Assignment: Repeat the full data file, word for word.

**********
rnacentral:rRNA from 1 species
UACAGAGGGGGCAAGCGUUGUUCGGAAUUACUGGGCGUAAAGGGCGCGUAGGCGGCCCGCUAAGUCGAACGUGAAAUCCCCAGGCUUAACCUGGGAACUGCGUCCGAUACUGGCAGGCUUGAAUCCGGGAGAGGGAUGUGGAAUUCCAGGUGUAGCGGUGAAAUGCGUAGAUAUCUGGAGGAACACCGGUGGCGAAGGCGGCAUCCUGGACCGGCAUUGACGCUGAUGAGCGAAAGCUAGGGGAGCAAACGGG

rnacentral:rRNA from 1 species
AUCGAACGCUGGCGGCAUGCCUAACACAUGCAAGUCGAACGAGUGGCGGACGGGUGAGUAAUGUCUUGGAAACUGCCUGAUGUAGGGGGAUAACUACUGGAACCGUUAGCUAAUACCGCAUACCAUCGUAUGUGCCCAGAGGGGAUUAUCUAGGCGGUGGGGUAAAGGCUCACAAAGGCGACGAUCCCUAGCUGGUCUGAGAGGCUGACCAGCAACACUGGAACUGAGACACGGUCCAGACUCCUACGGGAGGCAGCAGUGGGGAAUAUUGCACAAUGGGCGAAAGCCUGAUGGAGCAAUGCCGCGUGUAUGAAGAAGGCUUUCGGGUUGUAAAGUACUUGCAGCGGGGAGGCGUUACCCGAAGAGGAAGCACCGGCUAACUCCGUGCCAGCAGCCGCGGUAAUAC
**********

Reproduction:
rnacentral:rRNA from 1 species
UACAGAGGGGGCAAGCGUUGUUCGGAAUUACUGGGCGUAAAGGGCGCGUAGGCGGCCCGCUAAGUCGAACGUGAAAUCCCCAGGCUUAACCUGGGAACUGCGUCCGAUACUGGCAGGCUUGAAUCCGGGAGAGGGAUGUGGAAUUCCAGGUGUAGCGGUGAAAUGCGUAGAUAUCUGGAGGAACACCGGUGGCGAAGGCGGCAUCCUGGACCGGCAUUGACGCUGAUGAGCGAAAGCUAGGGGAGCAAACGGG

rnacentral:rRNA from 1 species
AUCGAACGCUGGCGGCAUGCCUAACACAUGCAAGUCGAACGAGUGGCGGACGGGUGAGUAAUGUCUUGGAAACUGCCUGAUGUAGGGGGAUAACUACUGGAACCGUUAGCUAAUACCGCAUACCAUCGUAUGUGCCCAGAGGGGAUUAUCUAGGCGGUGGGGUAAAGGCUCACAAAGGCGACGAUCCCUAGCUGGUCUGAGAGGCUGACCAGCAACACUGGAACUGAGACACGGUCCAGACUCCUACGGGAGGCAGCAGUGGGGAAUAUUGCACAAUGGGCGAAAGCCUGAUGGAGCAAUGCCGCGUGUAUGAAGAAGGCUUUCGGGUUGUAAAGUACUUGCAGCGGGGAGGCGUUACCCGAAGAGGAAGCACCGGCUAACUCCGUGCCAGCAGCCGCGGUAAUAC